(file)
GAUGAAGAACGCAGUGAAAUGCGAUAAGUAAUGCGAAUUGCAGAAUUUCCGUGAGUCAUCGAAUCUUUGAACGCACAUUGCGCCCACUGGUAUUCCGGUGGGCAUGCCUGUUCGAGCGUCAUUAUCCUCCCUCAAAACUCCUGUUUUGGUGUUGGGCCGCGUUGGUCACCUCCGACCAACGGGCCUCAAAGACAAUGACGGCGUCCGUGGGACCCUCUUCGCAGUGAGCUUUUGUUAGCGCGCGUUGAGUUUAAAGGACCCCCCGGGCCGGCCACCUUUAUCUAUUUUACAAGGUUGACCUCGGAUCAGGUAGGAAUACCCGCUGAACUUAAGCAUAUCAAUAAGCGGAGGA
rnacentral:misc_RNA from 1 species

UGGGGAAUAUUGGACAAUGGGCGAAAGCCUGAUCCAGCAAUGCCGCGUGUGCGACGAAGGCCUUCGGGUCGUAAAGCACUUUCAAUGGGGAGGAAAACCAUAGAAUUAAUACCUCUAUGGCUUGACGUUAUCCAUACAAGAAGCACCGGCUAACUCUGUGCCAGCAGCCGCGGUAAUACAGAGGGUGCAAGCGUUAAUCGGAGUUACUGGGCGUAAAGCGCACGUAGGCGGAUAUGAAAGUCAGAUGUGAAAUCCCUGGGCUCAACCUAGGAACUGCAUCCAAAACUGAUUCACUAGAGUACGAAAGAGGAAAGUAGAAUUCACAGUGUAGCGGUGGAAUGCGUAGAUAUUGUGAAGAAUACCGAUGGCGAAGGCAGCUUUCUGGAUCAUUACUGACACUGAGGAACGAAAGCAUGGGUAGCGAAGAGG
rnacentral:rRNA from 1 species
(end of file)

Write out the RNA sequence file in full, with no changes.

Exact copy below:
GAUGAAGAACGCAGUGAAAUGCGAUAAGUAAUGCGAAUUGCAGAAUUUCCGUGAGUCAUCGAAUCUUUGAACGCACAUUGCGCCCACUGGUAUUCCGGUGGGCAUGCCUGUUCGAGCGUCAUUAUCCUCCCUCAAAACUCCUGUUUUGGUGUUGGGCCGCGUUGGUCACCUCCGACCAACGGGCCUCAAAGACAAUGACGGCGUCCGUGGGACCCUCUUCGCAGUGAGCUUUUGUUAGCGCGCGUUGAGUUUAAAGGACCCCCCGGGCCGGCCACCUUUAUCUAUUUUACAAGGUUGACCUCGGAUCAGGUAGGAAUACCCGCUGAACUUAAGCAUAUCAAUAAGCGGAGGA
rnacentral:misc_RNA from 1 species

UGGGGAAUAUUGGACAAUGGGCGAAAGCCUGAUCCAGCAAUGCCGCGUGUGCGACGAAGGCCUUCGGGUCGUAAAGCACUUUCAAUGGGGAGGAAAACCAUAGAAUUAAUACCUCUAUGGCUUGACGUUAUCCAUACAAGAAGCACCGGCUAACUCUGUGCCAGCAGCCGCGGUAAUACAGAGGGUGCAAGCGUUAAUCGGAGUUACUGGGCGUAAAGCGCACGUAGGCGGAUAUGAAAGUCAGAUGUGAAAUCCCUGGGCUCAACCUAGGAACUGCAUCCAAAACUGAUUCACUAGAGUACGAAAGAGGAAAGUAGAAUUCACAGUGUAGCGGUGGAAUGCGUAGAUAUUGUGAAGAAUACCGAUGGCGAAGGCAGCUUUCUGGAUCAUUACUGACACUGAGGAACGAAAGCAUGGGUAGCGAAGAGG
rnacentral:rRNA from 1 species